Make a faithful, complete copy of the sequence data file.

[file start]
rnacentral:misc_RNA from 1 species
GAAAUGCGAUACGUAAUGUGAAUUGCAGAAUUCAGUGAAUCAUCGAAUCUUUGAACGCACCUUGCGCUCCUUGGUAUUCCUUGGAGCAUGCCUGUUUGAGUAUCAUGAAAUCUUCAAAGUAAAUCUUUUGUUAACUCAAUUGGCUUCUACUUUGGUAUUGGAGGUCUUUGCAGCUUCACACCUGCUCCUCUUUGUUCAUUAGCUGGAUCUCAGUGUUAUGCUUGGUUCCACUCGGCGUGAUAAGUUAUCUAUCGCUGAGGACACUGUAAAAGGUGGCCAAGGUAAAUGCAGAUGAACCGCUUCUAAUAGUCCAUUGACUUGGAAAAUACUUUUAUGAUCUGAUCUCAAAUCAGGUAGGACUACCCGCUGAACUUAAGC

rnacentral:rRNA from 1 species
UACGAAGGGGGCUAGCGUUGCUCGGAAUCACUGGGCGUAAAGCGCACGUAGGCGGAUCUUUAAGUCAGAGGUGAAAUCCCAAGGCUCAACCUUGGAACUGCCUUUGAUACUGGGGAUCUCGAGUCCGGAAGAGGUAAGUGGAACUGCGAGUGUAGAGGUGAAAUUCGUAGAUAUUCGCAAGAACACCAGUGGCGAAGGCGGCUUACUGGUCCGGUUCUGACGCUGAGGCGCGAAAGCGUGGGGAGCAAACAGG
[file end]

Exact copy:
rnacentral:misc_RNA from 1 species
GAAAUGCGAUACGUAAUGUGAAUUGCAGAAUUCAGUGAAUCAUCGAAUCUUUGAACGCACCUUGCGCUCCUUGGUAUUCCUUGGAGCAUGCCUGUUUGAGUAUCAUGAAAUCUUCAAAGUAAAUCUUUUGUUAACUCAAUUGGCUUCUACUUUGGUAUUGGAGGUCUUUGCAGCUUCACACCUGCUCCUCUUUGUUCAUUAGCUGGAUCUCAGUGUUAUGCUUGGUUCCACUCGGCGUGAUAAGUUAUCUAUCGCUGAGGACACUGUAAAAGGUGGCCAAGGUAAAUGCAGAUGAACCGCUUCUAAUAGUCCAUUGACUUGGAAAAUACUUUUAUGAUCUGAUCUCAAAUCAGGUAGGACUACCCGCUGAACUUAAGC

rnacentral:rRNA from 1 species
UACGAAGGGGGCUAGCGUUGCUCGGAAUCACUGGGCGUAAAGCGCACGUAGGCGGAUCUUUAAGUCAGAGGUGAAAUCCCAAGGCUCAACCUUGGAACUGCCUUUGAUACUGGGGAUCUCGAGUCCGGAAGAGGUAAGUGGAACUGCGAGUGUAGAGGUGAAAUUCGUAGAUAUUCGCAAGAACACCAGUGGCGAAGGCGGCUUACUGGUCCGGUUCUGACGCUGAGGCGCGAAAGCGUGGGGAGCAAACAGG